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The Islamic State Didn’t Do As Much Damage to Palmyra As We Feared

Drone footage and photos from the ground show that the ancient city of Palmyra is around 80 percent intact.

A general view taken on March 27, 2016 shows the theatre in the ancient Syrian city of Palmyra, after government troops recaptured the UNESCO world heritage site from Islamic State (IS) group jihadists on March 27, 2016.            
President Bashar al-Assad hailed the victory as an "important achievement" as his Russian counterpart and key backer Vladimir Putin congratulated Damascus for retaking the UNESCO world heritage site. / AFP / Maher AL MOUNES        (Photo credit should read MAHER AL MOUNES/AFP/Getty Images)
A general view taken on March 27, 2016 shows the theatre in the ancient Syrian city of Palmyra, after government troops recaptured the UNESCO world heritage site from Islamic State (IS) group jihadists on March 27, 2016. President Bashar al-Assad hailed the victory as an "important achievement" as his Russian counterpart and key backer Vladimir Putin congratulated Damascus for retaking the UNESCO world heritage site. / AFP / Maher AL MOUNES (Photo credit should read MAHER AL MOUNES/AFP/Getty Images)

Last August, three months after Islamic State extremists took control of the ancient Syrian city of Palmyra, they beheaded the city’s 83-year-old director of antiquities and hung his lifeless body from one of the Roman columns he spent his life trying to protect.

Over the course of weeks that followed, the group published photos and video footage documenting their destruction of the city’s world heritage sites, which UNESCO, the cultural branch of the United Nations, said amounted to “a war crime.”

On Sunday, Syria’s national army — backed by Russian jets — drove the Islamic State out of Palmyra for the first time since the group captured it in May. That marks a major victory for embattled Syrian President Bashar al-Assad, whose army general command said in a statement Sunday that the city will become “a launchpad to expand military operations” against the Islamic State.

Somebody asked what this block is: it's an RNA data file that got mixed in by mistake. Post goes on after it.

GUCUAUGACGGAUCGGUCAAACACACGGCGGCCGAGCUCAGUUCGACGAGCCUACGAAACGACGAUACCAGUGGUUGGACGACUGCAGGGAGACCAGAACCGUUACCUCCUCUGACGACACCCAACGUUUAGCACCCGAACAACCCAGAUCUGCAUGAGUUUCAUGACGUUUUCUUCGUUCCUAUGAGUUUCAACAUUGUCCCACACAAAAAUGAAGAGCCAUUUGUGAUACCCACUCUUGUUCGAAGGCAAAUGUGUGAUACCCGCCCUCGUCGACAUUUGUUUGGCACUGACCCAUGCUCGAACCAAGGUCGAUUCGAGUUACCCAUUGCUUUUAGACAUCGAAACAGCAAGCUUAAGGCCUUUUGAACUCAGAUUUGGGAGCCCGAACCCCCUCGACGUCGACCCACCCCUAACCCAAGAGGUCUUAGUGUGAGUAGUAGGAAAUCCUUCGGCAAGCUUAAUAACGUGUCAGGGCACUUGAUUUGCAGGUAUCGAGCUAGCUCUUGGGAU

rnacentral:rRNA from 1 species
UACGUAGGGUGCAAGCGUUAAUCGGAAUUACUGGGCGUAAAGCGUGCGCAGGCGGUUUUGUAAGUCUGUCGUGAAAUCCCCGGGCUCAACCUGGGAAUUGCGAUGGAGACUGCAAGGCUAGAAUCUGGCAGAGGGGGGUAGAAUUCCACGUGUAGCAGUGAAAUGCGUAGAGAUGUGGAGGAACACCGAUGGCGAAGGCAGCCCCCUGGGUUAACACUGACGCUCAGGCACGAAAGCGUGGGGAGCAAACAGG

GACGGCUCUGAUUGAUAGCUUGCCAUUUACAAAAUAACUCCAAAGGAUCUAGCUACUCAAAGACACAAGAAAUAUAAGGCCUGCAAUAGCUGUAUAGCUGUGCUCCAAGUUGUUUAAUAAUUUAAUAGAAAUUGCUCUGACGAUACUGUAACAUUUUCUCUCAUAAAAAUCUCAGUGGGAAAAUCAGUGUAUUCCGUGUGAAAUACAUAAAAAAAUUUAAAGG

“This achievement represents a mortal blow to the terrorist organization and lays the foundation for a great collapse in the morale of its mercenaries and the beginning of its defeat,” the statement said.

Drone footage aired Sunday on Russian state television proved that the destruction of Palmyra was not as extensive as historians originally feared. Although some archaeological structures were destroyed, roughly 80 percent of the city appears to remain intact. That includes well-known structures like the Arc de Triomphe,  the Temple of Baalshamin, and the Temple of Bel, which may end up being partially salvageable.

Still, additional photos that emerged in the immediate aftermath of the Syrian Army’s recapture of the town show that the structures that were targeted by the group, which claims that they are idolatrous, experienced significant damage. In some cases, 2,000-year-old temples have been decimated to nothing more than piles of rubble. One structure that the militants kept largely intact is the Roman amphitheatre, where they reportedly carried out public executions.
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Graffiti left over from the Islamic State reads “Shooting without the permission of the chief is prohibited” outside the entrance to the Temple of Bel.
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The entrance to the Temple of Bel, which was destroyed by the Islamic State last fall.
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The remains of the Arc de Triomphe, which was destroyed by the Islamic State in October.
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Palmyra’s ancient Roman amphitheater, which appears to have been preserved by the militants in order to use the space for public executions.

Photo credit: MAHER AL MOUNES/AFP/Getty Images

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